And you tell them what’s on your mind, and you say you want to change the state in order to help the youth survive and the generations who must grow up in crisis. You say that the crisis we are putting our youth into is the root of our problems. It is imperative that people understand this. No one will fix addiction and certainly no one will ever be able to lock up all the people who commit thefts. But as a personal lobbyist for children, you can change the crisis our youth are inheriting to make sure one less youth is affected by addiction and crime. You can do something to assure the youth will be 150 percent more educated so that they can compete globally in the marketplace of ideas. The risk for not doing something to help the youth now is that later a whole generation of people will become extinct. They simply won’t be there.
You have the power to ask for change to assure that patterns of destruction like the heroin epidemic do not accumulate across the generations any further. I hear people complaining about who the candidates for election are, but how many of those same complaining people have also been calling the currently elected officials and demanding change? They will move faster in the right direction when they realize their election depends on the votes of the people who are calling them out. Isn’t it time that we hold those elected accountable? And isn’t it time that we focus on the children and the crisis of rural youth, and all youth, who must survive in the world in which we have created for them?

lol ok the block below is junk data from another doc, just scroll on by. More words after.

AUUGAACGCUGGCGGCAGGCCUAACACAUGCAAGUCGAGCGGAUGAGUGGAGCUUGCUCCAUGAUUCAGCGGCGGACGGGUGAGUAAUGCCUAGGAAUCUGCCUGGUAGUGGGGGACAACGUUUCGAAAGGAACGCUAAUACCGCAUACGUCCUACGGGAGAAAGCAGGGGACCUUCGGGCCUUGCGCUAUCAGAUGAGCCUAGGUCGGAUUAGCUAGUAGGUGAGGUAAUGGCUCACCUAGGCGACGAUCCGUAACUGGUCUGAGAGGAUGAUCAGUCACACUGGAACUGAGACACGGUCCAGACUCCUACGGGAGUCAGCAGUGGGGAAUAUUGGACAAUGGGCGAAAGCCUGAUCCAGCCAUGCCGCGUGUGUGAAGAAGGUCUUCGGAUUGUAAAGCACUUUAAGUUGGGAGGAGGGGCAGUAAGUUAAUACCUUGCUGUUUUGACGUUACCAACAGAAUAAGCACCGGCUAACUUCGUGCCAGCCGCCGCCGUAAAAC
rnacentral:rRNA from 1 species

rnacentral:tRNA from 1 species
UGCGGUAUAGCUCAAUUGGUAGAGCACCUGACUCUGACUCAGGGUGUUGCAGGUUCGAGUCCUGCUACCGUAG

Reach Ashley at the Record-Herald at (740) 313-0355 or on Twitter @ashbunton